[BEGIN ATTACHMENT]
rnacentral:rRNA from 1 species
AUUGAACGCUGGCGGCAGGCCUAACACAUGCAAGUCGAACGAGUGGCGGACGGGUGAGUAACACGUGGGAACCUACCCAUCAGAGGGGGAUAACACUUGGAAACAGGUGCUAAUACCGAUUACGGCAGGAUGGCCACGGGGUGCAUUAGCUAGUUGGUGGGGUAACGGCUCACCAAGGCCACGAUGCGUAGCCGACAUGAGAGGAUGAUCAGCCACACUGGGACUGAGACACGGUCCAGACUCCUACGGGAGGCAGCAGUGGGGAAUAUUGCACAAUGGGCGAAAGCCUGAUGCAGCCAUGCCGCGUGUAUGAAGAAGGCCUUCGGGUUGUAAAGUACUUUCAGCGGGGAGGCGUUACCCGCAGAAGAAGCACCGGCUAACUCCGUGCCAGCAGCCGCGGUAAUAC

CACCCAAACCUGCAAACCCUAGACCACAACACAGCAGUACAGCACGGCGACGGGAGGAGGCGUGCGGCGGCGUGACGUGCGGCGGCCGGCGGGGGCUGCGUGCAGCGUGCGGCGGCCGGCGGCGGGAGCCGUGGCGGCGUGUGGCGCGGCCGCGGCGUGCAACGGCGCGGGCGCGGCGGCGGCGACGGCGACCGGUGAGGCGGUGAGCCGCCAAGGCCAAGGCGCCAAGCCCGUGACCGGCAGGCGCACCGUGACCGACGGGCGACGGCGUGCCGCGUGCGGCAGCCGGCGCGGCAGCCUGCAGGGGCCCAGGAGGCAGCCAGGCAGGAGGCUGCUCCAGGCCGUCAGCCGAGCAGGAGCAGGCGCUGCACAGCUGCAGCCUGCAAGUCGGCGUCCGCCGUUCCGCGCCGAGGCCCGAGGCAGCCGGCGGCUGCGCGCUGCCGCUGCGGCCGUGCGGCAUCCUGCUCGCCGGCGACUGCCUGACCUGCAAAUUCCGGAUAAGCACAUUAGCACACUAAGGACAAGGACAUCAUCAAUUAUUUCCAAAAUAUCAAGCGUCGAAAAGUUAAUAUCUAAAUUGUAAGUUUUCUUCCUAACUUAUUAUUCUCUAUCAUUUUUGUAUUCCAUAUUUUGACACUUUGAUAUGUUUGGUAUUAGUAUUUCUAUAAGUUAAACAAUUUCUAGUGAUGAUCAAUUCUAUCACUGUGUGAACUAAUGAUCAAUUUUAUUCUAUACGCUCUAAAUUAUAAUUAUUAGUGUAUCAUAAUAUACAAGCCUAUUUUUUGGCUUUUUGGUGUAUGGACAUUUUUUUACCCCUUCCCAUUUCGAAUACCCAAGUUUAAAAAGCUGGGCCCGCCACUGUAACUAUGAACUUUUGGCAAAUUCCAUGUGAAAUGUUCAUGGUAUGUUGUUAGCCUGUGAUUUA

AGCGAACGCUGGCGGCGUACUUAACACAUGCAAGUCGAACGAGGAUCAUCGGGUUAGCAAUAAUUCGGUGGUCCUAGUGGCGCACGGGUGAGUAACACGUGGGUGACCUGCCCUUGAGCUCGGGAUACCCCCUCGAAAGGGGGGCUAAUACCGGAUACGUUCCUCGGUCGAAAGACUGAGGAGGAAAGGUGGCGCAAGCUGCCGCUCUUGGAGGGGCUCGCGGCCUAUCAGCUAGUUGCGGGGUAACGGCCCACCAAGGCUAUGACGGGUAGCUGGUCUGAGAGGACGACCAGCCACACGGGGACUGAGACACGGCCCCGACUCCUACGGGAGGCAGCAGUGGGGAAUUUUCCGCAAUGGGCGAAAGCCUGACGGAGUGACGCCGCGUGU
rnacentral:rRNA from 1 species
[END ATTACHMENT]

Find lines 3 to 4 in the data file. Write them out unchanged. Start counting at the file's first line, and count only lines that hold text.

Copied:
CACCCAAACCUGCAAACCCUAGACCACAACACAGCAGUACAGCACGGCGACGGGAGGAGGCGUGCGGCGGCGUGACGUGCGGCGGCCGGCGGGGGCUGCGUGCAGCGUGCGGCGGCCGGCGGCGGGAGCCGUGGCGGCGUGUGGCGCGGCCGCGGCGUGCAACGGCGCGGGCGCGGCGGCGGCGACGGCGACCGGUGAGGCGGUGAGCCGCCAAGGCCAAGGCGCCAAGCCCGUGACCGGCAGGCGCACCGUGACCGACGGGCGACGGCGUGCCGCGUGCGGCAGCCGGCGCGGCAGCCUGCAGGGGCCCAGGAGGCAGCCAGGCAGGAGGCUGCUCCAGGCCGUCAGCCGAGCAGGAGCAGGCGCUGCACAGCUGCAGCCUGCAAGUCGGCGUCCGCCGUUCCGCGCCGAGGCCCGAGGCAGCCGGCGGCUGCGCGCUGCCGCUGCGGCCGUGCGGCAUCCUGCUCGCCGGCGACUGCCUGACCUGCAAAUUCCGGAUAAGCACAUUAGCACACUAAGGACAAGGACAUCAUCAAUUAUUUCCAAAAUAUCAAGCGUCGAAAAGUUAAUAUCUAAAUUGUAAGUUUUCUUCCUAACUUAUUAUUCUCUAUCAUUUUUGUAUUCCAUAUUUUGACACUUUGAUAUGUUUGGUAUUAGUAUUUCUAUAAGUUAAACAAUUUCUAGUGAUGAUCAAUUCUAUCACUGUGUGAACUAAUGAUCAAUUUUAUUCUAUACGCUCUAAAUUAUAAUUAUUAGUGUAUCAUAAUAUACAAGCCUAUUUUUUGGCUUUUUGGUGUAUGGACAUUUUUUUACCCCUUCCCAUUUCGAAUACCCAAGUUUAAAAAGCUGGGCCCGCCACUGUAACUAUGAACUUUUGGCAAAUUCCAUGUGAAAUGUUCAUGGUAUGUUGUUAGCCUGUGAUUUA

AGCGAACGCUGGCGGCGUACUUAACACAUGCAAGUCGAACGAGGAUCAUCGGGUUAGCAAUAAUUCGGUGGUCCUAGUGGCGCACGGGUGAGUAACACGUGGGUGACCUGCCCUUGAGCUCGGGAUACCCCCUCGAAAGGGGGGCUAAUACCGGAUACGUUCCUCGGUCGAAAGACUGAGGAGGAAAGGUGGCGCAAGCUGCCGCUCUUGGAGGGGCUCGCGGCCUAUCAGCUAGUUGCGGGGUAACGGCCCACCAAGGCUAUGACGGGUAGCUGGUCUGAGAGGACGACCAGCCACACGGGGACUGAGACACGGCCCCGACUCCUACGGGAGGCAGCAGUGGGGAAUUUUCCGCAAUGGGCGAAAGCCUGACGGAGUGACGCCGCGUGU